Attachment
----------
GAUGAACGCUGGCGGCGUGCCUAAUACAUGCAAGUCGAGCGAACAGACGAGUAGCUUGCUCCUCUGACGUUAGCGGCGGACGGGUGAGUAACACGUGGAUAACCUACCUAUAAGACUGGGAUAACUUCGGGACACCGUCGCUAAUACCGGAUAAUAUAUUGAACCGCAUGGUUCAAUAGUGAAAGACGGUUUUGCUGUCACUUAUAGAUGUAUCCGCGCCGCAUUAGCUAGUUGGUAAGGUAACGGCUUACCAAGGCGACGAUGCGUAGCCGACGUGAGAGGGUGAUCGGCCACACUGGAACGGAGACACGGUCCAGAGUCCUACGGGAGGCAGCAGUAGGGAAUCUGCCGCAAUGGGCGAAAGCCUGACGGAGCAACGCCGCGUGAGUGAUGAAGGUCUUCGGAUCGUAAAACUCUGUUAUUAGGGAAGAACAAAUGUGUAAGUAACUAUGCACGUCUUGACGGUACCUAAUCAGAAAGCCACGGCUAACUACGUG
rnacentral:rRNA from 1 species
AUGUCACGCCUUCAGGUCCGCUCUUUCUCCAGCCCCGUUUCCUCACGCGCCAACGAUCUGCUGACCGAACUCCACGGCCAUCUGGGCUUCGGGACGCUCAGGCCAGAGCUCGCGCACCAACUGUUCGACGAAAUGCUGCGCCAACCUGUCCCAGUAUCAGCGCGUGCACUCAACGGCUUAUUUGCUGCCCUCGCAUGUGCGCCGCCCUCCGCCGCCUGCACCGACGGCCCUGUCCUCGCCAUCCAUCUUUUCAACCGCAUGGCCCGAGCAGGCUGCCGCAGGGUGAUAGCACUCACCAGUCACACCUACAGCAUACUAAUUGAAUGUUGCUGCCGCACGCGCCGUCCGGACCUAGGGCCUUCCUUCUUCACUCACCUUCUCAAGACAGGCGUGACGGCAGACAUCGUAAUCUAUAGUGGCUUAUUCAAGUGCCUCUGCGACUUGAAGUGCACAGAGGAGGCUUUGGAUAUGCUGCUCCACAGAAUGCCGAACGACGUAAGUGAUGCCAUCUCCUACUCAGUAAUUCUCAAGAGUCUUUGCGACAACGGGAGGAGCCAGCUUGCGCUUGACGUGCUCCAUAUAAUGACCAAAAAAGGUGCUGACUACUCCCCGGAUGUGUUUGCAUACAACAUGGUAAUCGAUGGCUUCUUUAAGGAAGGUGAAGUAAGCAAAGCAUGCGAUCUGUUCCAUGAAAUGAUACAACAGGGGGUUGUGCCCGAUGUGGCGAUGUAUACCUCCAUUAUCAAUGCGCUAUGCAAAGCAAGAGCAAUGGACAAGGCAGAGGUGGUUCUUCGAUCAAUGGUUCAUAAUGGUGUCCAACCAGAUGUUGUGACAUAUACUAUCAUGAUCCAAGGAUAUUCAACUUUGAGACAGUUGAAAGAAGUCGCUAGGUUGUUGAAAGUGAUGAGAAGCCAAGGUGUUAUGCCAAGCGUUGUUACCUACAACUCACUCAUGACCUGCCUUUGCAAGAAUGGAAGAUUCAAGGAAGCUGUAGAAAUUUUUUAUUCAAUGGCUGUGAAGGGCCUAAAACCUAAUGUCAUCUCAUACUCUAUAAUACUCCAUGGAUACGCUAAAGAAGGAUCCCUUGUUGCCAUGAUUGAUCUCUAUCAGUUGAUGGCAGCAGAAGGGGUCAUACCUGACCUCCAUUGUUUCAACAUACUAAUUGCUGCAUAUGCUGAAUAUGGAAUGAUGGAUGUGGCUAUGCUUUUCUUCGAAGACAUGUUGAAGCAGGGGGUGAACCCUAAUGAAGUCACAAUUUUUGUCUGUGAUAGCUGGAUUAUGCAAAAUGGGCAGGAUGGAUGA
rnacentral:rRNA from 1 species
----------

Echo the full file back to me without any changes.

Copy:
GAUGAACGCUGGCGGCGUGCCUAAUACAUGCAAGUCGAGCGAACAGACGAGUAGCUUGCUCCUCUGACGUUAGCGGCGGACGGGUGAGUAACACGUGGAUAACCUACCUAUAAGACUGGGAUAACUUCGGGACACCGUCGCUAAUACCGGAUAAUAUAUUGAACCGCAUGGUUCAAUAGUGAAAGACGGUUUUGCUGUCACUUAUAGAUGUAUCCGCGCCGCAUUAGCUAGUUGGUAAGGUAACGGCUUACCAAGGCGACGAUGCGUAGCCGACGUGAGAGGGUGAUCGGCCACACUGGAACGGAGACACGGUCCAGAGUCCUACGGGAGGCAGCAGUAGGGAAUCUGCCGCAAUGGGCGAAAGCCUGACGGAGCAACGCCGCGUGAGUGAUGAAGGUCUUCGGAUCGUAAAACUCUGUUAUUAGGGAAGAACAAAUGUGUAAGUAACUAUGCACGUCUUGACGGUACCUAAUCAGAAAGCCACGGCUAACUACGUG
rnacentral:rRNA from 1 species
AUGUCACGCCUUCAGGUCCGCUCUUUCUCCAGCCCCGUUUCCUCACGCGCCAACGAUCUGCUGACCGAACUCCACGGCCAUCUGGGCUUCGGGACGCUCAGGCCAGAGCUCGCGCACCAACUGUUCGACGAAAUGCUGCGCCAACCUGUCCCAGUAUCAGCGCGUGCACUCAACGGCUUAUUUGCUGCCCUCGCAUGUGCGCCGCCCUCCGCCGCCUGCACCGACGGCCCUGUCCUCGCCAUCCAUCUUUUCAACCGCAUGGCCCGAGCAGGCUGCCGCAGGGUGAUAGCACUCACCAGUCACACCUACAGCAUACUAAUUGAAUGUUGCUGCCGCACGCGCCGUCCGGACCUAGGGCCUUCCUUCUUCACUCACCUUCUCAAGACAGGCGUGACGGCAGACAUCGUAAUCUAUAGUGGCUUAUUCAAGUGCCUCUGCGACUUGAAGUGCACAGAGGAGGCUUUGGAUAUGCUGCUCCACAGAAUGCCGAACGACGUAAGUGAUGCCAUCUCCUACUCAGUAAUUCUCAAGAGUCUUUGCGACAACGGGAGGAGCCAGCUUGCGCUUGACGUGCUCCAUAUAAUGACCAAAAAAGGUGCUGACUACUCCCCGGAUGUGUUUGCAUACAACAUGGUAAUCGAUGGCUUCUUUAAGGAAGGUGAAGUAAGCAAAGCAUGCGAUCUGUUCCAUGAAAUGAUACAACAGGGGGUUGUGCCCGAUGUGGCGAUGUAUACCUCCAUUAUCAAUGCGCUAUGCAAAGCAAGAGCAAUGGACAAGGCAGAGGUGGUUCUUCGAUCAAUGGUUCAUAAUGGUGUCCAACCAGAUGUUGUGACAUAUACUAUCAUGAUCCAAGGAUAUUCAACUUUGAGACAGUUGAAAGAAGUCGCUAGGUUGUUGAAAGUGAUGAGAAGCCAAGGUGUUAUGCCAAGCGUUGUUACCUACAACUCACUCAUGACCUGCCUUUGCAAGAAUGGAAGAUUCAAGGAAGCUGUAGAAAUUUUUUAUUCAAUGGCUGUGAAGGGCCUAAAACCUAAUGUCAUCUCAUACUCUAUAAUACUCCAUGGAUACGCUAAAGAAGGAUCCCUUGUUGCCAUGAUUGAUCUCUAUCAGUUGAUGGCAGCAGAAGGGGUCAUACCUGACCUCCAUUGUUUCAACAUACUAAUUGCUGCAUAUGCUGAAUAUGGAAUGAUGGAUGUGGCUAUGCUUUUCUUCGAAGACAUGUUGAAGCAGGGGGUGAACCCUAAUGAAGUCACAAUUUUUGUCUGUGAUAGCUGGAUUAUGCAAAAUGGGCAGGAUGGAUGA
rnacentral:rRNA from 1 species